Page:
Jump to ContentJump to Main Navigation
Plutarch and his Roman Readers$
Users without a subscription are not able to see the full content.

Philip A. Stadter

Print publication date: 2014

Print ISBN-13: 9780198718338

Published to Oxford Scholarship Online: December 2014

DOI: 10.1093/acprof:oso/9780198718338.001.0001

Show Summary Details
Page of

PRINTED FROM OXFORD SCHOLARSHIP ONLINE (oxford.universitypressscholarship.com). (c) Copyright Oxford University Press, 2021. All Rights Reserved. An individual user may print out a PDF of a single chapter of a monograph in OSO for personal use. date: 20 April 2021

Plutarch’s Lives

Plutarch’s Lives

The Statesman as Moral Actor

15 Plutarch’s Lives
Plutarch and his Roman Readers

Philip A. Stadter

Oxford University Press

This chapter treats Plutarch’s creation of a genre of moral biography, based on a tension between his choice of statesmen famous for their political and military accomplishments and the presentation of them as moral actors. This new genre seems to grow from the need that had been previously expressed by Cicero in his De officiis book 3 and by Seneca in Epistle 94 for practical examples of difficult moral decisions. The predominantly theoretical approach of Hellenistic philosophers was important but avoided the hard issues, such as Cicero had seen in his own lifetime and faced after the assassination of Caesar. Plutarch’s presentation of examples drawn from history in three pairs, Cimon–Lucullus, Aristides–Cato Major, and Alexander–Caesar, meets this expectation by grounding moral thinking in historical action.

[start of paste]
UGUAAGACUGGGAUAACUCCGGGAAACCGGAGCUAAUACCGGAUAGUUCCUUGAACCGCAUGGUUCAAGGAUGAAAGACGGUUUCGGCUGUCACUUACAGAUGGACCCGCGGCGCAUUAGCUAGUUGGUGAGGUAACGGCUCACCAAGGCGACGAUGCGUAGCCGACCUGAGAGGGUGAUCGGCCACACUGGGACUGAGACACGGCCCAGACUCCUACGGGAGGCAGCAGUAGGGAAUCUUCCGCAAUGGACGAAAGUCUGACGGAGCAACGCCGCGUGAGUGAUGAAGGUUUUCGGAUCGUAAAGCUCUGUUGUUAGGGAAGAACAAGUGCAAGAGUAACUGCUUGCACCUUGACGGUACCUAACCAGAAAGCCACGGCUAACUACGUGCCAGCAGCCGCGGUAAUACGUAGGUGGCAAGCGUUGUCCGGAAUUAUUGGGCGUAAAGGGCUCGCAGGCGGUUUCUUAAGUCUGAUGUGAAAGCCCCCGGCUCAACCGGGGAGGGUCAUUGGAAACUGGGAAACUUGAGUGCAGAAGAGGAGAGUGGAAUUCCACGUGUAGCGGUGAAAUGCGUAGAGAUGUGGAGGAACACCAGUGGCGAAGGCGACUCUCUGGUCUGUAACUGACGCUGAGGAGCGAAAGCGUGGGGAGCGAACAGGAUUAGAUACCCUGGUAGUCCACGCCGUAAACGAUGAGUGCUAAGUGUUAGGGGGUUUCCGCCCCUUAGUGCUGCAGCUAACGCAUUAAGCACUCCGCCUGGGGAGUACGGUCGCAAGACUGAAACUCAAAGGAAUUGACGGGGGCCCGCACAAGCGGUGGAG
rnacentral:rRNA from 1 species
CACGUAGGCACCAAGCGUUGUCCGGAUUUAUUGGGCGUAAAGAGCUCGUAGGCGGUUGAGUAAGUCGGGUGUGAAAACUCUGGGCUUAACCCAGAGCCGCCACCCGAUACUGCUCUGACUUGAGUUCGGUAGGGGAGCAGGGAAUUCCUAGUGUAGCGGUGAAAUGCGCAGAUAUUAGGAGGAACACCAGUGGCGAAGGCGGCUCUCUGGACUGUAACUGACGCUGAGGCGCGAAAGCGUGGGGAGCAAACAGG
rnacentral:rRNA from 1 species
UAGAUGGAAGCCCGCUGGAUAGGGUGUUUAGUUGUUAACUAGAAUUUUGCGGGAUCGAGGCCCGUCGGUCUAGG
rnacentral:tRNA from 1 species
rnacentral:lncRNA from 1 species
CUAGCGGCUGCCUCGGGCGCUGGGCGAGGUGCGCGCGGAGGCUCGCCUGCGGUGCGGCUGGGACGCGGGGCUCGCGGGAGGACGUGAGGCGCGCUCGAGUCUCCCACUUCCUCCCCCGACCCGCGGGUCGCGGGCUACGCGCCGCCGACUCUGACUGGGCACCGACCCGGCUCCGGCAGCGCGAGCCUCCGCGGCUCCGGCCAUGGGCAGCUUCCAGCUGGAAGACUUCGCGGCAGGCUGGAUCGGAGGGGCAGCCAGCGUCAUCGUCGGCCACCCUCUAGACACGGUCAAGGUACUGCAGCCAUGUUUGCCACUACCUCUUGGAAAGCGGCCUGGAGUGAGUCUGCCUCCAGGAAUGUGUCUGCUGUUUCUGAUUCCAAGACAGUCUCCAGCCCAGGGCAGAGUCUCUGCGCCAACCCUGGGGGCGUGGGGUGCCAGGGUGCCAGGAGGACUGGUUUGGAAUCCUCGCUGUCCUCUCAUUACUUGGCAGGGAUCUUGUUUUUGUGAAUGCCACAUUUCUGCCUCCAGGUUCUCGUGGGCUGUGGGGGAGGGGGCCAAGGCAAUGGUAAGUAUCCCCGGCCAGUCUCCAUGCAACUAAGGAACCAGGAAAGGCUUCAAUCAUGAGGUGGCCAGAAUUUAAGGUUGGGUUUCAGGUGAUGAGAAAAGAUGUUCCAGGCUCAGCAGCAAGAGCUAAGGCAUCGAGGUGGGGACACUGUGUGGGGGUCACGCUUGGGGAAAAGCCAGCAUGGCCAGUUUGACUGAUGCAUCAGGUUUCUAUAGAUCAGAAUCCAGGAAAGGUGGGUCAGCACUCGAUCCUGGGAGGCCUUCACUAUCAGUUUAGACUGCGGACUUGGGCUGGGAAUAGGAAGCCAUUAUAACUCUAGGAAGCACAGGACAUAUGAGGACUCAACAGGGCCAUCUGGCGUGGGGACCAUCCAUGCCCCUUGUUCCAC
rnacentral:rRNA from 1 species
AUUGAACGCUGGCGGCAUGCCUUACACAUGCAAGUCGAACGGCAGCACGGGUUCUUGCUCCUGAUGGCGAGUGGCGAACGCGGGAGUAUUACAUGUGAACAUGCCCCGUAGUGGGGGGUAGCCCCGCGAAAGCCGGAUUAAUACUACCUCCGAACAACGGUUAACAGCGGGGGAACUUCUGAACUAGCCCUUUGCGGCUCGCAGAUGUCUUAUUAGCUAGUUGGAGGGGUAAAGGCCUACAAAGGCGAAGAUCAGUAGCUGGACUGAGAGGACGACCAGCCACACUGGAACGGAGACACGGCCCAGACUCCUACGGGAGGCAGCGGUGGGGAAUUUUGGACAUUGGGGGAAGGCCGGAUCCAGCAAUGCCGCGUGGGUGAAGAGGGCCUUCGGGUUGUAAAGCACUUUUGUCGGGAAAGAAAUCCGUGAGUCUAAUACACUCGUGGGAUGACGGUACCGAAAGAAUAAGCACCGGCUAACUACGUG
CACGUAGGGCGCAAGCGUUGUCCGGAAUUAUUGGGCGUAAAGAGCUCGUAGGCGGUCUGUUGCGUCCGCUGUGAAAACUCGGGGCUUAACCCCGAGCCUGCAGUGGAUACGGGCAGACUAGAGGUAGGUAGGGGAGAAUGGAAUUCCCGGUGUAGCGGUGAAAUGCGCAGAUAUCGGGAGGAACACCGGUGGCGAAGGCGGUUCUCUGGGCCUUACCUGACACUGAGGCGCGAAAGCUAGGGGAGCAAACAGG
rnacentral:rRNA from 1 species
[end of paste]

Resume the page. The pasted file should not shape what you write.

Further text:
Keywords:   Plutarch, Parallel Lives, Cimon, Lucullus, Aristides, Cato Censor, Alexander, Caesar, Cicero, Seneca morals, hilosophy

Oxford Scholarship Online requires a subscription or purchase to access the full text of books within the service. Public users can however freely search the site and view the abstracts and keywords for each book and chapter.

Please, subscribe or login to access full text content.

If you think you should have access to this title, please contact your librarian.

To troubleshoot, please check our FAQs , and if you can't find the answer there, please contact us .